Faber Book of Beasts

Reading Poetry:   The Faber Book of Beasts

Read Alfred Lord Tennyson's 'The Kraken' (p139) and Lewis Carroll's 'Jabberwocky' (pp 135-6) in The Faber Book of Beasts.   In no more than 600 words, compare and contrast the way the two poets represent their monsters.

To answer this question, I will look at both poems pointing out any similiarities and the differences in which the poets have represented their monsters.
Both poets were born in the same era of Victorian England yet their styles of writing poetry are very different.

Tennyson has written 'The Kraken' as a type of sonnet. Carroll has written 'Jabberwocky' as a nonsense poem of seven verses.   A nonsense poem being one which contain made-up words which sound silly and have no specific sensible meaning but, cleverly, often have an underlying meaning relevant to the subject of the poem.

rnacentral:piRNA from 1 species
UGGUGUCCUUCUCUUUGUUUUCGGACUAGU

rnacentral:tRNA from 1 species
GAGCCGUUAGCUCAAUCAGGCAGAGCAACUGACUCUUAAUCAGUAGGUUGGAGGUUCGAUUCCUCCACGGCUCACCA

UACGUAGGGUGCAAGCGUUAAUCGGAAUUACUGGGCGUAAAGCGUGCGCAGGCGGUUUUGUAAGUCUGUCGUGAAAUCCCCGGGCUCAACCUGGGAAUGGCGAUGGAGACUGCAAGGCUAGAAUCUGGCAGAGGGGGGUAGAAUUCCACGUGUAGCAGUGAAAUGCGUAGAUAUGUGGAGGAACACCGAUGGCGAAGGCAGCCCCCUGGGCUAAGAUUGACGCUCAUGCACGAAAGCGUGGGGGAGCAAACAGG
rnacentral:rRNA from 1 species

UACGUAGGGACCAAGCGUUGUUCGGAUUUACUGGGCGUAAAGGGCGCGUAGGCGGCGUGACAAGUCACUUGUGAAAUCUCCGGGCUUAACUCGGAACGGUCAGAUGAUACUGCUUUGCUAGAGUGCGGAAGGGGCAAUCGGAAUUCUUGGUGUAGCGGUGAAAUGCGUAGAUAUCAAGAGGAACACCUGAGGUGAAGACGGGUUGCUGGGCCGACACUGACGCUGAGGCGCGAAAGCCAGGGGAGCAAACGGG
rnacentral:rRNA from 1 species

'The Kraken' seems to be described as a sea monster, which Tennyson portrays as being lonely, cumbersome and lethargic.

“Far, far beneath in the abysmal sea,
  His ancient, dreamless, uninvaded sleep” (The Kraken, Line 2 & 3)

There doesn't seem to be any action in this poem, no terror or battles.   Despite Tennyson's description of his monster to be huge, ugly and menacing, he also tells us that his monster poses no real threat because, if it rises to the surface, it will die.

“In roaring he shall rise and on the surface die” (The Kraken, Line 15)

In contrast to Tennyson's 'The Kraken', Carroll's 'Jabberwocky' is described as a being with claws, firey eyes and coming from within a wooded area.

“The Jabberwock, with eyes of flame,
  Came whiffling through the tulgey wood,” (Jabberwocky, Line 14 & 15)

The poem is also more action-filled in its description of the monster and of its eventual demise.   Carroll has described the monster being killed by a sword and it's death being a celebration.

“And hast thou slain the Jabberwock?,
    Come to my arms, my beamish boy!
  O frabjous day!   Callooh!...